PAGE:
Re-Evaluating the Rasmus Trade

When Alex Anthopoulos and the Toronto Blue Jays acquired center fielder Colby Rasmus for Edwin Jackson, Octavio Dotel, and Marc Rzepczynski just before the Trade Deadline last summer, the blogosphere and Twitterverse were exploding with praise for Toronto.

Anthopoulos parted with relatively little to acquire a young center fielder who was worth 4.3 WAR in the previous season at only 24 years old. His .366 wOBA was the third best in baseball by a center fielder, which was only bested by Josh Hamilton and Carlos Gonzalez. Rasmus also had three-and-a-half years remaining under team control, which only augmented his value as a baseball asset.

The trade was an unequivocal win for our amiable neighbors north of the border. Toronto’s stat-friendly, new-age general manager hoodwinked his backward counterpart in St. Louis, and frankly, it wasn’t even close.

At least, that was what was supposed to happen.

Instead, Tim Tebow himself shone down on the St. Louis Cardinals and led them to an improbable World Series title. The players acquired in the Rasmus trade performed quite well for the Red Birds. Edwin Jackson threw 78 solid innings and even started four games for the Cardinals during the postseason. Octavio Dotel posted an impressive 1.57 FIP after joining St. Louis. Even the forgettable Marc Rzepczynski handcuffed lefties on his way to a 2.72 FIP.

Rasmus, on the other hand, defied expectations and struggled to a .173/.201/.316 triple-slash line after joining the Blue Jays. He ended the season with a .302 wOBA, which ranked second-worst in all of baseball — second to only Alex Rios — and was largely dragged down by his putrid, post-trade .225 wOBA.

Just over two months of performance does not define a trade, though. Rasmus potentially has at least three years remaining with the Blue Jays, and the Cardinals lost Edwin Jackson and Octavio Dotel to free agency, leaving them with only a situational lefty to show for their former top prospect.

In addition, Toronto should expect Rasmus to enjoy a bounceback season in 2012. Although he was certainly dreadful after being acquired in late July, the center fielder fell victim to a .217 BABIP in his 35 games with the Blue Jays. His 10.9% line-drive percentage and 20% infield fly-ball percentage should caution us from believing his BABIP should automatically normalize back to .300 in 2012, but logic suggests that he will return to his career .298 BABIP and career 18.5% line-drive percentage.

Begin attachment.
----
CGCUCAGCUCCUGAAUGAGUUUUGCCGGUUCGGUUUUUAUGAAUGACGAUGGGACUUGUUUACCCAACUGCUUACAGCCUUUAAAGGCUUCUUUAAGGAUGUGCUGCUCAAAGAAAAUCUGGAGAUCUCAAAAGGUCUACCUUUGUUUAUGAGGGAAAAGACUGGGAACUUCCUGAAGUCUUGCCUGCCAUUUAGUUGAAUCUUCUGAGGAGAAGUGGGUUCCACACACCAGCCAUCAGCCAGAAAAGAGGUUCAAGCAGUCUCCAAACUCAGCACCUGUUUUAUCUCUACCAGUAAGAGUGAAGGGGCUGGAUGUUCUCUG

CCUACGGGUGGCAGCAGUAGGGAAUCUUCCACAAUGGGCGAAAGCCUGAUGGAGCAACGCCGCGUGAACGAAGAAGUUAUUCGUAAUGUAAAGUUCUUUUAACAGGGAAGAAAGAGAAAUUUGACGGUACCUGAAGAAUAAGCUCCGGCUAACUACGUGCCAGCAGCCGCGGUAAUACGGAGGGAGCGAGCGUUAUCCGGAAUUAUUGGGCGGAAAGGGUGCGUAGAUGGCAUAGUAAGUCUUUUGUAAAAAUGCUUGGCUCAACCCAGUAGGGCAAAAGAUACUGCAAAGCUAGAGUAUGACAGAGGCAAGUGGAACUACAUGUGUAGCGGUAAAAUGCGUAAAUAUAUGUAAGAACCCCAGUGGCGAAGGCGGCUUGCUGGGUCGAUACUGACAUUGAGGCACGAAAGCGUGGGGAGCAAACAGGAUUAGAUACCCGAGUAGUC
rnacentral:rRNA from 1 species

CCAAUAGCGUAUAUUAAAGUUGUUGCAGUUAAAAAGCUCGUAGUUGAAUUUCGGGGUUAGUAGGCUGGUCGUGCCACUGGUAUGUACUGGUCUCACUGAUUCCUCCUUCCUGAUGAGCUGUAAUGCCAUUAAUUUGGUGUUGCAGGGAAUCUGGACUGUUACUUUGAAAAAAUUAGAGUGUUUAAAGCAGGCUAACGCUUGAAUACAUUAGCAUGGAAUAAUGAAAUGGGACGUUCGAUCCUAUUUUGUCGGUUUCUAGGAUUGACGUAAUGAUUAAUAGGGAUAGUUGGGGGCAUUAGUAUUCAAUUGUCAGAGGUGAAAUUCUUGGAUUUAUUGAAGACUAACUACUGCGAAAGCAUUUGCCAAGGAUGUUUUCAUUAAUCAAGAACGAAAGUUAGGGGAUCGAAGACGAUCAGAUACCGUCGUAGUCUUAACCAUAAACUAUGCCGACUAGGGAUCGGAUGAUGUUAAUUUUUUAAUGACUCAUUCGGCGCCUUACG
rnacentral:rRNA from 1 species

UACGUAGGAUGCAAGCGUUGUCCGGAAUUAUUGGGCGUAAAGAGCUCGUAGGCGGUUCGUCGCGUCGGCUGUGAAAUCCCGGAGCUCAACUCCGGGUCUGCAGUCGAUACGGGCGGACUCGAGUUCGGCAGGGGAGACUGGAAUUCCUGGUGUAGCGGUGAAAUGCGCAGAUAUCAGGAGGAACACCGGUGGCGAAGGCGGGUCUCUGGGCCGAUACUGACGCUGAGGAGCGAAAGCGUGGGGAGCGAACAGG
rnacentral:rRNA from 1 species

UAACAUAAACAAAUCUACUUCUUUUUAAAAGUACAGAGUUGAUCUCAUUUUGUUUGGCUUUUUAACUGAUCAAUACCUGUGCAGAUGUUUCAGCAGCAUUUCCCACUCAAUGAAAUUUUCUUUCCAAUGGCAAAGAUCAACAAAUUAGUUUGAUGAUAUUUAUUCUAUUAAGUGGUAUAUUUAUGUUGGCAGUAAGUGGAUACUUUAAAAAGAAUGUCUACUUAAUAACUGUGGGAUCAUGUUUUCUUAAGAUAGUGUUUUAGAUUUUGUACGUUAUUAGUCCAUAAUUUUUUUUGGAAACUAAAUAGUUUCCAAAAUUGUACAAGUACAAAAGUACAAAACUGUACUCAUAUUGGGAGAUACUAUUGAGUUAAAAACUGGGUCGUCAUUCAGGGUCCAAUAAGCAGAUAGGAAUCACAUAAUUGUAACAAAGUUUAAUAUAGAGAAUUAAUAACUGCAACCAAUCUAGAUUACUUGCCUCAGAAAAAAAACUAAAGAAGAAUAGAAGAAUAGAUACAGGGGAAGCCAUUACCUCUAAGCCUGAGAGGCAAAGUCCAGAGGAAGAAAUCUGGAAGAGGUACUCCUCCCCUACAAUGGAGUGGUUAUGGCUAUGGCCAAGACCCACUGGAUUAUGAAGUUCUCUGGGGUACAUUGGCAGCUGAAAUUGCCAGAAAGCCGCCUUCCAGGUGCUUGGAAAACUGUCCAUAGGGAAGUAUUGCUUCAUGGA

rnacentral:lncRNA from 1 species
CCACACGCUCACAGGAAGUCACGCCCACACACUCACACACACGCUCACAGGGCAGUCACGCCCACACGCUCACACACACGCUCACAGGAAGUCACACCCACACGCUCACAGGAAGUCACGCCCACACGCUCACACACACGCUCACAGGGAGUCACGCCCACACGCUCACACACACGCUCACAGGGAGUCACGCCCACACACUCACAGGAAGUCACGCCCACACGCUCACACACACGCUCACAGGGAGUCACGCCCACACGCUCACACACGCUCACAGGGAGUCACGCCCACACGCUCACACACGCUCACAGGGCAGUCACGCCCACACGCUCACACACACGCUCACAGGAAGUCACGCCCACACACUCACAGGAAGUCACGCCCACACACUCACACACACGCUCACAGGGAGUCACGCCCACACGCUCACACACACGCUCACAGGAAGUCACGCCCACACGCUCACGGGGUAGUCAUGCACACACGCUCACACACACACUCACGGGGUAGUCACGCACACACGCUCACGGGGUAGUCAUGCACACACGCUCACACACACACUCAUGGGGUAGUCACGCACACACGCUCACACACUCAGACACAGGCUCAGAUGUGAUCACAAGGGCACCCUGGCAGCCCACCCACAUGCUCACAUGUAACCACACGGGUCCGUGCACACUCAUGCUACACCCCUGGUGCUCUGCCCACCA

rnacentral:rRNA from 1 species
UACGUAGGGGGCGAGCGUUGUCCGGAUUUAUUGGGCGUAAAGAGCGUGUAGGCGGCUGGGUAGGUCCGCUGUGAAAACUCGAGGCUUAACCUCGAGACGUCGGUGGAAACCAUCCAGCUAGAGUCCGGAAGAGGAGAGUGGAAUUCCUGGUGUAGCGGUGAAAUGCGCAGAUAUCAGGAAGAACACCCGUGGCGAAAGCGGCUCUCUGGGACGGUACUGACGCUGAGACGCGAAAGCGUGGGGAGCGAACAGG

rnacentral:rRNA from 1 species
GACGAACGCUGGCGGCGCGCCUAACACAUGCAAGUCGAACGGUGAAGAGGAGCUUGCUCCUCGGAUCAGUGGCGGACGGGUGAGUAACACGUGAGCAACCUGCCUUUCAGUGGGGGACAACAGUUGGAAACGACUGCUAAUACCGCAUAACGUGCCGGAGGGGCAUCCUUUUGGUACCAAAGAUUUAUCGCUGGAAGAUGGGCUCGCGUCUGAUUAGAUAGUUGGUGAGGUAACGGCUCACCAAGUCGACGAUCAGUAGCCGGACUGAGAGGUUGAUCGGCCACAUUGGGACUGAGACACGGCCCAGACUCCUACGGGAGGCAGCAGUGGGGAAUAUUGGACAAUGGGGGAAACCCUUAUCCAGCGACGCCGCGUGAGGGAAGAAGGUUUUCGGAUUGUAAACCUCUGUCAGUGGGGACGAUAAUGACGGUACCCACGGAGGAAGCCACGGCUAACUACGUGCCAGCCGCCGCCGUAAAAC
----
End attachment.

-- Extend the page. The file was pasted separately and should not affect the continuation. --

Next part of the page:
It is possible that a transition to the AL East really treated Rasmus poorly. Perhaps he will continue to swing-and-miss more often than he had earlier in his career, and perhaps he will continue to chase more pitches outside the strike zone. It is far more likely, however, that his first two months in Toronto were simply a blip on the radar screen and will normalize next season.

Blue Jays fans likely feel a bit cheated after digesting much of the post-trade hype surrounding Rasmus. They should feel some vindication, though, after he bounces back closer to the 2010 version of Colby Rasmus, rather than the 2011 version that wasn’t even worth a single win throughout the entire year.

We hoped you liked reading Re-Evaluating the Rasmus Trade by J.P. Breen!

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J.P. Breen is a graduate student at the University of Chicago. For analysis on the Brewers and fantasy baseball, you can follow him on Twitter (@JP_Breen).

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whonichol
Member
whonichol

The Blue Jays should sign him to a long term contract right this very minute. There probably won’t ever be a better time.

Pat
Guest
Pat

Alex Rios part 2, no thanks. He is far from a sure thing.

Yirmiyahu
Member
Yirmiyahu

Alex Rios signed his extension coming off an .852 OPS season in 2007 and a .865 OPS in 2006. Vernon Wells signed his extension coming off an .899 OPS season in 2006, and a combined .837 OPS in 2003-2005. In both those cases, Toronto paid a lot of money to lock them up because they were coming off big seasons and had enough success that they were considered “sure things.”

Whonichol’s point is that Rasmus’ value is lower than its ever been. In other words, they should buy low. If he signed now, it would be for cheap and there wouldn’t be a ton of risk. The problem is that he’d be extremely unlikely to sign an extension right now.

siggian
Guest
siggian

No, I’d wait unless you get very favourable terms. The thing is that the Jays have his potential replacement in Anthony Gose, who may only be a season away. There’s a sportsnet.ca article that mentions that Gose was deliberately instructed to swing hard in two strike counts to ensure that his new batting stroke was set. For 2012, he will be allowed to make more defensive swings in these situations.

So, I’d wait until at least mid-season to see how Gose and Rasmus are doing. If both are doing well, Rasmus becomes a very valuable offering as part of a trade. If Gose struggles, Rasmus will continue with the Jays indefinitely. If Rasmus struggles continue, then he probably isn’t part of the solution anyway and you wouldn’t want to commit yourself to him with a long contract.

Brian
Guest
Brian

It would be best to sign Rasmus to a contract extension now, as opposed to later, when he has a bounce back season. Ideally, the contract would come cheap.

Not a bad idea.